With PC gaming on the return, you’ll need a decent (and probably new) computer if you want to play. But everything is so expensive… or is it?

Dell’s 15 inch Inspiron for gaming could be the solution. Does it achieve enough for PC gamers without a heavy-handed price tag?

Design

Gaming laptops tend to offer a pretty specific look these days, with black or silver usually being embraced and hugged tight, with a few accents of red along the way, often glowing for dramatic effect. We’ve seen it on Alienware machines and those made by HP, and even Asus follows the same style (Razer does too, though replacing red with green).

Unsurprisingly, Dell is doing the exact same thing, because apparently black and red mean “gaming” these days, with the Inspiron 15 Gaming following that exact style.

Here, you’ll find a black plastic body with a few accents of dark grey, while a red-lettered keyboard glows scarlet when you power the computer on.

Features

Making the Dell Inspiron 7566 special is a set of specs that doesn’t completely read like a picture of today, but still aims to offer a good all-round gaming system for people on the go, skipping over Intel’s latest seventh-generation computer processors and instead sticking with the sixth-gen models, because they should be more than plenty for laptop gaming in this day and age.

As a result, expect to find an Intel Core i5 or i7 processor in this machine, paired with either 8GB or 16GB RAM, at least 1TB storage, and Nvidia’s GeForce GTX 960M with 4GB graphics. Interestingly, the graphics processor is one of the only pieces of hardware that is standard across the two Inspiron 15 Gaming variants, so depending on how much you want to spend — $1699 or $1999 — you’ll still get the same graphics performance.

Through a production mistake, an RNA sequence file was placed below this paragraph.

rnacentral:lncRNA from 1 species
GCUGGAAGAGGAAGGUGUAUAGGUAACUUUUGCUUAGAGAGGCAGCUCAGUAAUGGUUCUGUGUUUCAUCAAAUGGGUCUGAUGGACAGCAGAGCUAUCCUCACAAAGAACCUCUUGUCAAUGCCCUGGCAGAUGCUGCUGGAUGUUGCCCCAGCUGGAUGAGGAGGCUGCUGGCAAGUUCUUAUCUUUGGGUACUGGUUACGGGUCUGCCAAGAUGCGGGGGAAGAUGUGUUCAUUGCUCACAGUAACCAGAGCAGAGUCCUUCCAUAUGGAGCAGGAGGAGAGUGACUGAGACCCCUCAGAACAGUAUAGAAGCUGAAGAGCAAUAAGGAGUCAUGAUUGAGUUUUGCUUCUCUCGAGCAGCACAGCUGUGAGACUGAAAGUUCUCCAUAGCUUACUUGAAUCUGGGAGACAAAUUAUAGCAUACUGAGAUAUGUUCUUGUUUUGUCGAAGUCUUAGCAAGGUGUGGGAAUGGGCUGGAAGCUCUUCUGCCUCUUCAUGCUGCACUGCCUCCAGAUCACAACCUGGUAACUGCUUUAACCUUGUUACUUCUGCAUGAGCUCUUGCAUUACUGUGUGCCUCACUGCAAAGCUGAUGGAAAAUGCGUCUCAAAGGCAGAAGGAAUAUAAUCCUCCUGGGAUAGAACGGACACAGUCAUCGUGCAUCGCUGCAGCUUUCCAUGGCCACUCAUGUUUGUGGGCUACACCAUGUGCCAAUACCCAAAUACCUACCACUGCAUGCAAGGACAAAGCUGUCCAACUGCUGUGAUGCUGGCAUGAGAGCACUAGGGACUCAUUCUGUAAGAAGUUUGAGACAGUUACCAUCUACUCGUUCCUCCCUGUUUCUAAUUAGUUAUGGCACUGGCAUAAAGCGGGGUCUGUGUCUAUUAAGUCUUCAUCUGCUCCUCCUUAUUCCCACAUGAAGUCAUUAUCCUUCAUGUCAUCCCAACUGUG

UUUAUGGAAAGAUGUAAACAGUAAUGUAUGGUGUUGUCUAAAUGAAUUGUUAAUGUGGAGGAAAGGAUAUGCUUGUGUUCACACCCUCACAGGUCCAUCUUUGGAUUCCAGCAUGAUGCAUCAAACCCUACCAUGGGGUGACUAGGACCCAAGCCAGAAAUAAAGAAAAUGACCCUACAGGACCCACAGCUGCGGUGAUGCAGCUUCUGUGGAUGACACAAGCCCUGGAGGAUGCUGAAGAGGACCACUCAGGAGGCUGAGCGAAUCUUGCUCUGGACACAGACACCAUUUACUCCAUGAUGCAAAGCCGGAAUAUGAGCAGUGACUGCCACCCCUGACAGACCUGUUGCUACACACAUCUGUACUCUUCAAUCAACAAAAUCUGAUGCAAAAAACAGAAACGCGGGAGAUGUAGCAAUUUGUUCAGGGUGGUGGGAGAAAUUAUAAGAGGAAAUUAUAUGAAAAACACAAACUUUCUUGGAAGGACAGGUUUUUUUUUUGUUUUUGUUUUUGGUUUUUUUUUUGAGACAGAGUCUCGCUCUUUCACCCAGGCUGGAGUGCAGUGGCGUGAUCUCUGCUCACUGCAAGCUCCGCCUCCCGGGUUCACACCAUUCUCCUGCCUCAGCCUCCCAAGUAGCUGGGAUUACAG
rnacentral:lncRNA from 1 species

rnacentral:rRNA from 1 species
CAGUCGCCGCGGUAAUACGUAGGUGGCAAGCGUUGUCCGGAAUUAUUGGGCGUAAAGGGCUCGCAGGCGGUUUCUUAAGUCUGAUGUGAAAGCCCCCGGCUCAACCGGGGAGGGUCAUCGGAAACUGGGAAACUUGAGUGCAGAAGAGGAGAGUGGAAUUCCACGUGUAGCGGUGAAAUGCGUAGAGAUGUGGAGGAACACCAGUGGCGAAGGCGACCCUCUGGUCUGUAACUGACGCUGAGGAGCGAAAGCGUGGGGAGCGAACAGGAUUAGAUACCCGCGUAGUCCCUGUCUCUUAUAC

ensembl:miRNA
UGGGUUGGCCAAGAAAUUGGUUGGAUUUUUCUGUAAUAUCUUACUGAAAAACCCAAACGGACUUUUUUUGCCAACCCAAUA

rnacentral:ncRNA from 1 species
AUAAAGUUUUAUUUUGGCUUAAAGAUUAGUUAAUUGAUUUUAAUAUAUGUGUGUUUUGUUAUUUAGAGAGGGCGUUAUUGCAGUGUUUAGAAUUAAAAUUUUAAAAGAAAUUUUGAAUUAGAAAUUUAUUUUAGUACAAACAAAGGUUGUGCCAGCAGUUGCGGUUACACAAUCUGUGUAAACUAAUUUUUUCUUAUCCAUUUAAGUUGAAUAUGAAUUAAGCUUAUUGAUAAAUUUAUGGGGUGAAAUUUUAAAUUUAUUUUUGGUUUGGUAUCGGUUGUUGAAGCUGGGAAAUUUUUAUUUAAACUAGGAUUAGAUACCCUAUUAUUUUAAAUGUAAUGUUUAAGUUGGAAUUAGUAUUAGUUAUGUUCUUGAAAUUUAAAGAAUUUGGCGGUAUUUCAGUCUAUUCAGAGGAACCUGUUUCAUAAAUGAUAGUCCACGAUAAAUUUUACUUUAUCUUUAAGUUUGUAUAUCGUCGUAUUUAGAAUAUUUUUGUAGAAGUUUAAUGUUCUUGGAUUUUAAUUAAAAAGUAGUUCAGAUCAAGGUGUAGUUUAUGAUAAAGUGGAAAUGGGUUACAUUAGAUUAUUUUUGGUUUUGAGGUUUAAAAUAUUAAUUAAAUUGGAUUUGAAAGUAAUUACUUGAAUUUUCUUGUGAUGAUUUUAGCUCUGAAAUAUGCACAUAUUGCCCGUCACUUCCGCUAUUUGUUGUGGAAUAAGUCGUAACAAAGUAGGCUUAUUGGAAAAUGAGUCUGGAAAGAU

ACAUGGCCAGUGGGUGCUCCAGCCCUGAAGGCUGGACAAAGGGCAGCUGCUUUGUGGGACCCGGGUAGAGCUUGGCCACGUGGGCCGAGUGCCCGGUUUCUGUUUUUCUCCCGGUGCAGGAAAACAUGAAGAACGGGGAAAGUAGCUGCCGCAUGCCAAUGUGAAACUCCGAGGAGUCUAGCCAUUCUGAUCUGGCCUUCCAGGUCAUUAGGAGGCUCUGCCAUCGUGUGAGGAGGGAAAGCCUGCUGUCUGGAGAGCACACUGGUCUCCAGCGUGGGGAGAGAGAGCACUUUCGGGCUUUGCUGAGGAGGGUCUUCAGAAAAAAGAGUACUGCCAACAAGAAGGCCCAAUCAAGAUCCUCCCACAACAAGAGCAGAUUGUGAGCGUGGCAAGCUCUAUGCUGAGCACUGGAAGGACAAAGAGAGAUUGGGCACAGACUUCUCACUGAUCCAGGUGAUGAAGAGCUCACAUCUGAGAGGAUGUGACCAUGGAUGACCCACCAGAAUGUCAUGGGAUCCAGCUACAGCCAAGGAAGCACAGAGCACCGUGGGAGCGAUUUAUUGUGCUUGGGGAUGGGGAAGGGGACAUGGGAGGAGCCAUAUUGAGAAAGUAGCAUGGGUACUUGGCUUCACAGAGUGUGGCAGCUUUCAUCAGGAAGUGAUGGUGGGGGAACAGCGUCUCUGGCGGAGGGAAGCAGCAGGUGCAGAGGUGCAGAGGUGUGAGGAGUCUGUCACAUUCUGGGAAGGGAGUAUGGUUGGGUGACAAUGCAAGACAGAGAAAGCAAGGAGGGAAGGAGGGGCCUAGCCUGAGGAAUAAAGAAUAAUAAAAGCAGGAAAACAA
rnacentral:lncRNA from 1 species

Also shared across the variants is the cooling system, which uses a thermal cooling design that sends excess heat out the back away from you, using two fans to cut back on noise and temperature.

Our review model was the high-end variant, however, with a quad-core Intel Core i7 6700HQ, 16GB RAM, and dual storage spread across 128GB solid-state and 1TB on a conventional hard drive.

Regardless of the model you decide on, you won’t see any optical drive here, as keeping in line with modern computing, the Blu-ray drive for computers is nearly dead.

Taking its place is a relatively slim profile, revealing ports instead, and quite a few of those, including three USB 3.0 ports, one SD card slot, one Ethernet port, one 3.5mm headset jack, and one HDMI 2.0 port offering 4K support if you have a compatible TV.

Connection options are pretty standard for a computer these days, with wireless offered through 802.11a/b/g/n/ac WiFi and Bluetooth 4.2, with the aforementioned ports handling the wired connectivity.

Then there’s the screen, and for that you’ll find a 15.6 inch Full HD 1920×1080 matte display with no support for touch. Above the screen sits a 720p HD webcam.

The keyboard is backlit and spill-resistant.

Performance